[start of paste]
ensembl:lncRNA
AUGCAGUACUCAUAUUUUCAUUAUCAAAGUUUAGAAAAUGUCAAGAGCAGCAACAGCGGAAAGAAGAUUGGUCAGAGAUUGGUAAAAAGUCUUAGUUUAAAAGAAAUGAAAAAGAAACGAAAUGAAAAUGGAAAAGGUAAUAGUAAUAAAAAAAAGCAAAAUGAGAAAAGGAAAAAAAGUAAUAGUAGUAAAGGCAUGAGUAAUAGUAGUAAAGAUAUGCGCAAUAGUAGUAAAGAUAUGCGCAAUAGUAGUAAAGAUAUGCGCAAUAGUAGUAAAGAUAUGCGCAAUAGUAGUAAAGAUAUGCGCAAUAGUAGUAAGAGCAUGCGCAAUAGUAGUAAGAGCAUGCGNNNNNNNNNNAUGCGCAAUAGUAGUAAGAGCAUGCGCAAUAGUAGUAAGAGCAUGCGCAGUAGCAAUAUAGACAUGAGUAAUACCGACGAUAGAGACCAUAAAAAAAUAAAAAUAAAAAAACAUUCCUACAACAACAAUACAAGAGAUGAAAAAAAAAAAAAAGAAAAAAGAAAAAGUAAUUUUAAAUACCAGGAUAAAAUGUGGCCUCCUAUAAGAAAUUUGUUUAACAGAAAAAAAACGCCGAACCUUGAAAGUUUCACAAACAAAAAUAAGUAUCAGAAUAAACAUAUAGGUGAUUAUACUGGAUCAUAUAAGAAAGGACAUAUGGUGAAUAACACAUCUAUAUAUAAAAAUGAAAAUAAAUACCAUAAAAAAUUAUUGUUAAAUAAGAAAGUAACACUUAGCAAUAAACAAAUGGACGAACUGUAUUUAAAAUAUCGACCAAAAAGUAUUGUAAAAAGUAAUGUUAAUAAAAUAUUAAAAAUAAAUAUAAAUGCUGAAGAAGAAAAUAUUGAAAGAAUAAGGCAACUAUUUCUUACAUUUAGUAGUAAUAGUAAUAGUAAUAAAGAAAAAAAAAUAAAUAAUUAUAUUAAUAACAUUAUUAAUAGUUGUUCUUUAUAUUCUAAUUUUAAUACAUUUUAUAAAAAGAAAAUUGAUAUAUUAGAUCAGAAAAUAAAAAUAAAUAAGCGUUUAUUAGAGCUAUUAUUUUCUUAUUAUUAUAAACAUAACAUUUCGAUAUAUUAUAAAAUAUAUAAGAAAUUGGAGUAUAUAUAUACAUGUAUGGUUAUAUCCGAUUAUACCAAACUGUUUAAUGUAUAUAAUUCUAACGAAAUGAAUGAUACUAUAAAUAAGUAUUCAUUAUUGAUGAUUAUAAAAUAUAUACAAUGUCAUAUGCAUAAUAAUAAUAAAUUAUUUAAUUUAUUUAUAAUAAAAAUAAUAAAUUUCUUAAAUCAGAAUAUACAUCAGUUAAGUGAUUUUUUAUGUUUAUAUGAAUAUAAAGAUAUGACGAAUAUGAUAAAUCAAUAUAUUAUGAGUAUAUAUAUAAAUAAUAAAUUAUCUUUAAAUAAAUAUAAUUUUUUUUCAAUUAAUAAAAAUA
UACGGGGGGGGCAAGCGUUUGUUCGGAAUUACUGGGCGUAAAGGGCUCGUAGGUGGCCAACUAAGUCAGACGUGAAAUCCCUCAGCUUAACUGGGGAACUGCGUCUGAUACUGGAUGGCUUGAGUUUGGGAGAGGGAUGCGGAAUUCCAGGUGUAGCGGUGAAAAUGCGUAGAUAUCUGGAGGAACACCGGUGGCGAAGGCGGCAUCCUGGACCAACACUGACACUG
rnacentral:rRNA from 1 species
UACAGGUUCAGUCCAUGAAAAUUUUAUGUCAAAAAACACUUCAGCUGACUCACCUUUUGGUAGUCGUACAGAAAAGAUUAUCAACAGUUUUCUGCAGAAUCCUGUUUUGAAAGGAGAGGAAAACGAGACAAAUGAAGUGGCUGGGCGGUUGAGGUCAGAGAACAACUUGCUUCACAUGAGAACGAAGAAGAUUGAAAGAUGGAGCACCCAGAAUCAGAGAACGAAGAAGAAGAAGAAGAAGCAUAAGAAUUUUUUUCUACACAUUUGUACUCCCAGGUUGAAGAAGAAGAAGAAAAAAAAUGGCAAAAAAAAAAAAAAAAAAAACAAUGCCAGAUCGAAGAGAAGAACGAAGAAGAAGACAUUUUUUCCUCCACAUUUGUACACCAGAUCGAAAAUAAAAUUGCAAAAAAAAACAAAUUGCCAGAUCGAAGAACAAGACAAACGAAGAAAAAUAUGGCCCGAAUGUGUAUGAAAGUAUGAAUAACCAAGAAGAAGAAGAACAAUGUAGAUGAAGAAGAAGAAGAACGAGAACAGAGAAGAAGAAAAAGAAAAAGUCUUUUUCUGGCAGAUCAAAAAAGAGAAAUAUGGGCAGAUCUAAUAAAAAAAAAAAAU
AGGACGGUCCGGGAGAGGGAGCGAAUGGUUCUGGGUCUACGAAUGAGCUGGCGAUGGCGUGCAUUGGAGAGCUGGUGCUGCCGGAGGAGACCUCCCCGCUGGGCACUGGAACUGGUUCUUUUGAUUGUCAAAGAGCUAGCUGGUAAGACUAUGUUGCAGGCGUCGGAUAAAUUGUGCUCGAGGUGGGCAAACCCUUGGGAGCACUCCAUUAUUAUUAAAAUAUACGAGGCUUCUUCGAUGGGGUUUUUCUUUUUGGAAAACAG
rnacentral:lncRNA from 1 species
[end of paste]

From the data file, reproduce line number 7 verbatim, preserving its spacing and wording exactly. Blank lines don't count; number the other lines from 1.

rnacentral:lncRNA from 1 species